I have been married for 8 years. My husband initiated divorce proceedings 18 months ago. In the letter from his solicitors, it mentions that 'my client wishes to start divorce proceedings and also that the marriage has broken down irretrievably. I received the first certificate of 'Decree Nisi' from the court 4 months ago.
My husband was given a certain time after which he was entitled to apply for the 'Decree Nisi' to be made 'Decree Absolute'. I discovered that his solicitor had sent him some paperwork for him to sign to enable them to make the 'Decree Nisi' into a 'Decree Absolute', but he failed to respond. The court has advised me that I am entitled to make the application for the 'Decree Nisi' to be made absolute; hence I applied for the decree to be made absolute.
What I would like to know is that once the court grants the 'Decree Absolute', would that Islamically count as a valid divorce, given that my husband failed to respond to the letter that his solicitor had sent him?
In the name of Allah, Most Compassionate, Most Merciful,
When a husband files for a legal divorce, he appoints the court to divorce his wife on his behalf. Islamically, a husband has a right to divorce his wife either himself or by appointing someone else as his representative to divorce his wife on his behalf. It is not necessary that this 'representative' be a Muslim, as is the case in filing/petitioning for a legal divorce through the courts.
Shaykh Qadri Pasha states, in his decisive codification of Hanafi personal law, Al-Ahkam al-Shar'iyya fi 'l -Ahwal al-Shakhsiyya, which is a primary source for the personal law of several Muslim countries, and continues to be taught and used across the Islamic world:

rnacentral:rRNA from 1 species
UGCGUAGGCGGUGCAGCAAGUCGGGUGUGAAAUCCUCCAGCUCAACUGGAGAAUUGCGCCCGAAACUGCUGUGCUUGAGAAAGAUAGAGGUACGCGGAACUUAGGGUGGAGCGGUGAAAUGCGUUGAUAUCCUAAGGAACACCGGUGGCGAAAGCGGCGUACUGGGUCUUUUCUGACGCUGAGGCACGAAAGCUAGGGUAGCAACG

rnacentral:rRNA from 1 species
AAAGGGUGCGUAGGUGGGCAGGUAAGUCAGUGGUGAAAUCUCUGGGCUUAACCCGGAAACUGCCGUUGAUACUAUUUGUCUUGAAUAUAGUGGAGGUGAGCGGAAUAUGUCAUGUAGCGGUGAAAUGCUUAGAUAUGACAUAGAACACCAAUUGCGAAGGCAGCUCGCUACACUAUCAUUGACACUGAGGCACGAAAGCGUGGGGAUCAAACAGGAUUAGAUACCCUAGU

'(Item 222) Divorce may be effected in speech or in clear and understandable writing, whether signed by the husband or someone he has given agency to do so on his behalfâ€¦' (Al-Fawa'id al-Aliyya ala 'l-Ahkam al-Shar'iyya fi 'l -Ahwal al-Shakhsiyya P: 120)
Thus, given the fact that your husband petitioned for a legal divorce and initiated the divorce proceedings, and thereafter he did not oppose the court in making the divorce decree absolute, Islamically a non-reversible (ba'in) divorce will take place on the day the court issues the 'Absolute Decree' of divorce. Legally, the petitioner can prevent the respondent from applying for a 'Decree Absolute', but due to the fact that he did not do so, the legal divorce would also count as an Islamic divorce.
As such, when you receive the Decree Absolute, you are no longer married to him and free to re-marry after completing the waiting period (iddah). You do not need to take an Islamic divorce from your husband. (For more details on legal divorce through a court, please refer to the answer already posted on this website titled: 'Legal Divorce according to Islamic Law'.)
And Allah knows best
[Mufti] Muhammad ibn Adam
Leicester , UK